As the winter winds begin to blow in, it is time to start preparing cattle for the colder temperatures that lies ahead. Good management decisions are crucial to maintaining cattle health throughout the winter. Check out these three keys to success to consider during the colder months.

1. Body condition score
According to Ted Perry with Purina, this is the best way to reduce cold stress. You should score your cattle regularly and record the data. This record will allow you to make effective feeding decisions during the winter months. The layer of fat insulation in a cow with a 5 or 6 score will enable them to conserve body heat and be productive during the winter. When viewing your cattle every day, you may not notice if they are losing weight. Be sure to have another set of eyes look at the cattle for precaution.

2. Take inventory of available forages
During cold weather, a cow’s feed intake increases by 20 percent. When cold weather is in the upcoming forecast, you will need to increase the offered feed by 20 percent or provide additional hay at least 24 hours in advance. You must have this on hand even if you plan on continued winter grazing with rye or other winter forages. Lisa Baxter, a forage specialist with the University of Georgia, states, “although we have the ability to graze 365 days a year in Georgia, the reality is we will always have a few weeks that require supplementation. It is always good to have a month or so of high-quality hay on hand just in case of a failed stand of annual forage or inclement weather.”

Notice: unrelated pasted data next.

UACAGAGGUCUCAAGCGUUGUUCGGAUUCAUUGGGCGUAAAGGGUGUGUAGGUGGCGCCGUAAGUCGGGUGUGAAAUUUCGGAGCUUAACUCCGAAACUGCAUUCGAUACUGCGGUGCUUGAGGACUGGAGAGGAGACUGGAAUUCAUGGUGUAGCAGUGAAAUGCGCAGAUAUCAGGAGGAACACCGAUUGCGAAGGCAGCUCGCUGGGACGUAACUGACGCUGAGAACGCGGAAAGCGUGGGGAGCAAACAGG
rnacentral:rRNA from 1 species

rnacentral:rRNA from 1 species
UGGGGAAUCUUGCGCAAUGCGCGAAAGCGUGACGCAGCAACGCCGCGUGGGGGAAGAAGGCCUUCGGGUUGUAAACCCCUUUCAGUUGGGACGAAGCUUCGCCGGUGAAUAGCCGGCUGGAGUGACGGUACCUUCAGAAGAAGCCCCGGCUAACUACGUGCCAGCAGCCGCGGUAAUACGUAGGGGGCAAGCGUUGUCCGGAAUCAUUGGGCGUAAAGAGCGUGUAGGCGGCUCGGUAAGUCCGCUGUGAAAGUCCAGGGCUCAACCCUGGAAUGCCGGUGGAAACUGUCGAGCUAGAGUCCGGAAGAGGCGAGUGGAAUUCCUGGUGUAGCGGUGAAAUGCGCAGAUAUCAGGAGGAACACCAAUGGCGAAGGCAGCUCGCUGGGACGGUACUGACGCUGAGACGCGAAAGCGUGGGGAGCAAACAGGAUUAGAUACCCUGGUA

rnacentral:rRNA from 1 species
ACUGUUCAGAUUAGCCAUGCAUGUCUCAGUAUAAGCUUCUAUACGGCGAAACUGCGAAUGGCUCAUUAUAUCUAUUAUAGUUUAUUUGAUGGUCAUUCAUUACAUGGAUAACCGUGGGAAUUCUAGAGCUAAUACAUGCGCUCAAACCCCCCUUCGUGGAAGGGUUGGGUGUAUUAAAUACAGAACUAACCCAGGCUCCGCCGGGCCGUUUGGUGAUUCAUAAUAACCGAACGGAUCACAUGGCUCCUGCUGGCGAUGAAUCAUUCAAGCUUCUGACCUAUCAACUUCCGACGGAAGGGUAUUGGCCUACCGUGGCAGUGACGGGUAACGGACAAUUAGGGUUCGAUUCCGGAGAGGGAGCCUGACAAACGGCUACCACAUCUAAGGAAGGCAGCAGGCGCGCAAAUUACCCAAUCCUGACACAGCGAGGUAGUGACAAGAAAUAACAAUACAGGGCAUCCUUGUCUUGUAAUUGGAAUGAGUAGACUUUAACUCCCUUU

3. Stay up-to-date on cattle health
According to the Oregon State Extension Catalog, cattle can present health problems during and after stress periods. The temperature change can induce stress, and stress reduces the cattle’s ability to resist infection. Vaccines are one way to keep them healthy in addition to deworming them to avoid parasites. Additionally, during cold weather months, giving extra time to examine the cattle daily is essential to prevent runny noses, pneumonia, and other respiratory issues that could lead to larger health problems in the future.